AMD Changing Gaming

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AMD Changing Gaming

With the impending release of DirectX 12 just around the corner, Windows 10 being released, VR technology, the Vulkan API, and many other fascinating releases it is an amazing time to be a PC gamer. AMD is currently three years into their GCN architecture at this point, but certain features that the chips have had for a while are only coming into their own. This is down to the improvements by the next-generation of APIs.

Currently the Asynchronous Command Engine (ACEs) that are part of every GCN-class video card is proving this point. The HD 7900 group had two ACE’s per GPU, while AMD’s Hawaii-class hardware has pushed this up to eight. This is also confirmed in the PS4 and possibly the Xbox One. AMD’s Graphics Core Next (GCN) GPUs are capable of asynchronous execution to some degree, as can the Nvidia GPUs based on the GTX 900 “Maxwell” group.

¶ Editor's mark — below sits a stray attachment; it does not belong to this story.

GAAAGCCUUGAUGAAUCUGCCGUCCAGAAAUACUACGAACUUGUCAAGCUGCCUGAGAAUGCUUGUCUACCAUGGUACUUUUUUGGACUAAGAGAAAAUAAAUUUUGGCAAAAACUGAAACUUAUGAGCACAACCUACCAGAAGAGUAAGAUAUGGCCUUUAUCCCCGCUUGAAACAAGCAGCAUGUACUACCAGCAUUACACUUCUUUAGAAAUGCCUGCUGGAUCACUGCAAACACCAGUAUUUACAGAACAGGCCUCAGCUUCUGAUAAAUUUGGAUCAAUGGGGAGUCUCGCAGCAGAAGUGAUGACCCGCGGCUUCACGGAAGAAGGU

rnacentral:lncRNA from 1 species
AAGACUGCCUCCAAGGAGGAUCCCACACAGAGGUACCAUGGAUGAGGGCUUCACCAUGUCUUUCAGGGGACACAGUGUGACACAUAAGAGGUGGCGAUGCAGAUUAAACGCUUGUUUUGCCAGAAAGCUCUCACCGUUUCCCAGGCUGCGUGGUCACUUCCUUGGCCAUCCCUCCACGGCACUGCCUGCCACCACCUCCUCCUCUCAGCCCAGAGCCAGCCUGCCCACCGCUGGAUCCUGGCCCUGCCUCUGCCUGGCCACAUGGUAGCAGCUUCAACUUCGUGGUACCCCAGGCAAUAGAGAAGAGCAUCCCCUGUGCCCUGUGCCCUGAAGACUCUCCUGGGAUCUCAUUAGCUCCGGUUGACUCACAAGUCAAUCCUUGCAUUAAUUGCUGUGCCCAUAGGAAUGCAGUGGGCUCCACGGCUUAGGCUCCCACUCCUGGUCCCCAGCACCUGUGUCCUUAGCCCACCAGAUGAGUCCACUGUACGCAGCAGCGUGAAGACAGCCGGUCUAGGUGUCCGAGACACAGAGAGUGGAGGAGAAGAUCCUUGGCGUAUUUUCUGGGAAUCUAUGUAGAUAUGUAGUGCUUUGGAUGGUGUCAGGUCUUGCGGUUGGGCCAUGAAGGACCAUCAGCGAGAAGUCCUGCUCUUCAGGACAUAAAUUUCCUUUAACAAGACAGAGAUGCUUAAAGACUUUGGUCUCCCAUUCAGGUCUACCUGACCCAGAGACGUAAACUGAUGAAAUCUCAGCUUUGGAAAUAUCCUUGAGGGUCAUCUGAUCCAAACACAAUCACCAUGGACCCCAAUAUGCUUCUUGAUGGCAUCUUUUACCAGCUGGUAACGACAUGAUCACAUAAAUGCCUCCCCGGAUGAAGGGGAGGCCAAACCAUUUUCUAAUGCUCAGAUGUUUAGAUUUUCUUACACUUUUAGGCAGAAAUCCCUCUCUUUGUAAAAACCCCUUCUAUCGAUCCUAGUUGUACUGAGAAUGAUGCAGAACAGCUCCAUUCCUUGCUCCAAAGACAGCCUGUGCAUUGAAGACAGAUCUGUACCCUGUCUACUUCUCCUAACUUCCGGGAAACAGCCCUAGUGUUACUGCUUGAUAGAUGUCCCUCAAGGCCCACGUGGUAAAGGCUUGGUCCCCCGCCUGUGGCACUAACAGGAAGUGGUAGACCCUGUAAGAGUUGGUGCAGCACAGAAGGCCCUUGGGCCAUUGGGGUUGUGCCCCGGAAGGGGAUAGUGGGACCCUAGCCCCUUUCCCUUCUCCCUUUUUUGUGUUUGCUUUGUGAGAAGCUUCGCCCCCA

What is an Asynchronous Command Engine I hear you ask? The ACE units inside the AMD’s GCN architecture are based simply for flexibility. Basically instead of being forced to execute a single queue via pre-determined order, even when it makes no sense to do so, tasks from different queues can be scheduled and completed independently. So this lets the GPU to execute some tasks out of sync if they want to. If the GPU knows that a time-sensitive operation that only needs 10ns of compute time is in the queue alongside a long memory copy that isn’t particularly needed, it can make the short task and complete it, then it moves over to the long task again.

What it means is that the point of ACE’s is that they allow the GPU to process and execute multiple command streams in parallel. The last version of DirectX11 didn’t have this possibility. Which means that in principal it has no way to tell the graphics and compute into the same workload. So really AMD have built Kaveri and the SoCs for the PS4 and Xbox One, it includes eight ACEs in those chips as well. It lets programmers use the GPU’s horsepower more effectively. This will enable the physics and certain other types of in-game calculations to be handled in the background.

So what does this mean for us? It means that the DX12 and Vulkan are now challenging and reinventing 3D APIs. The new capabilities are going to improve everything including multi-GPU to VR Displays. Bringing in 4K monitors, FreeSync, G-Sync support it is an extremely exciting time for the whole of the PC gaming industry.

Guess I picked the right time to get into PC gaming.

 

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